Situated along the climactic Shawangunk Mountain range, Minnewaska State Park Preserve features forested, craggy terrain, many cascades, and much more.
Originally part of the Mohonk Mountain House property, the Minnewaska Mountain House, or Cliff House, was constructed in 1879 overlooking Lake Minnewaska. A second hotel, Wildmere, was added in 1887. The resorts offered walking paths and carriage rides around the lakes, tennis courts, putting greens, baseball, shuffleboards.
The resorts began to decline by the middle of the 20th century, despite the addition of a golf course, ski slopes, and bars. To raise some cash for the hotels, the Nature Conservancy and the state of New York purchased 6,700 acres around Awosting Falls, leading to the development of Minnewaska State Park. Even still, the dilapidated Cliff House was closed in 1972 which burned down in suspected arson in 1978. Wildmere closed in 1979 and burned down in 1986.
For years, private developers proposed intensive and extensive resorts and residential for ecologically significant lands. Numerous lawsuits were filed by environmental groups to stop the proposals from moving forward. Eventually, the state of New York acquired the lands in 1987 and opened the Minnewaska State Park Preserve in 1993. It was greatly expanded in 1996 when the Open Space Institute transferred acreage from Sam’s Point Preserve to the park. An additional expansion occurred in 2006 as the result of action by a coalition of conservation groups, including the New York-New Jersey Trail Conference, Open Space Institute, the Trust for Public Land, and the Nature Conservancy.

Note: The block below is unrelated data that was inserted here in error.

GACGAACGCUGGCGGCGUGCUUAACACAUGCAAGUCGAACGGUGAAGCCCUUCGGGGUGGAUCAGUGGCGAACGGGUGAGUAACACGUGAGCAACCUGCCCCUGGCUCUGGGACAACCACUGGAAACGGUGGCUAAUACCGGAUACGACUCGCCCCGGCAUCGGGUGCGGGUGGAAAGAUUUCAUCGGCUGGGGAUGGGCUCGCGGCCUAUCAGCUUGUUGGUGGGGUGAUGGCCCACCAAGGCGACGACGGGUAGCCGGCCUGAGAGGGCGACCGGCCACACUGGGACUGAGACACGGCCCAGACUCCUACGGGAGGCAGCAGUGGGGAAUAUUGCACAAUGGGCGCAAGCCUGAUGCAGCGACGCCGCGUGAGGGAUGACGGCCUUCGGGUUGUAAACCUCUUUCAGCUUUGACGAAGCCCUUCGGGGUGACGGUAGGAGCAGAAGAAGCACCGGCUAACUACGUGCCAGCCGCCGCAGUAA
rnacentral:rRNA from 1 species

Today, Minnewaska State Park Preserve sprawls over 22,000 acres, protecting ecologically sensitive environments from commercialization. The reserve comprises of the crystal clear Minnewaska, Awosting, Haseco, and Maratanza sky lakes that are only fed by rainwater, many waterfalls along Peters Kill, Stony Kill, and Verkeerder Kill, striking geological formations including hard quartz rock that glisten under the sun, unique pitch pine forests most often found in sand dunes along the coast, and beautiful mountain laurels alongside the many streams.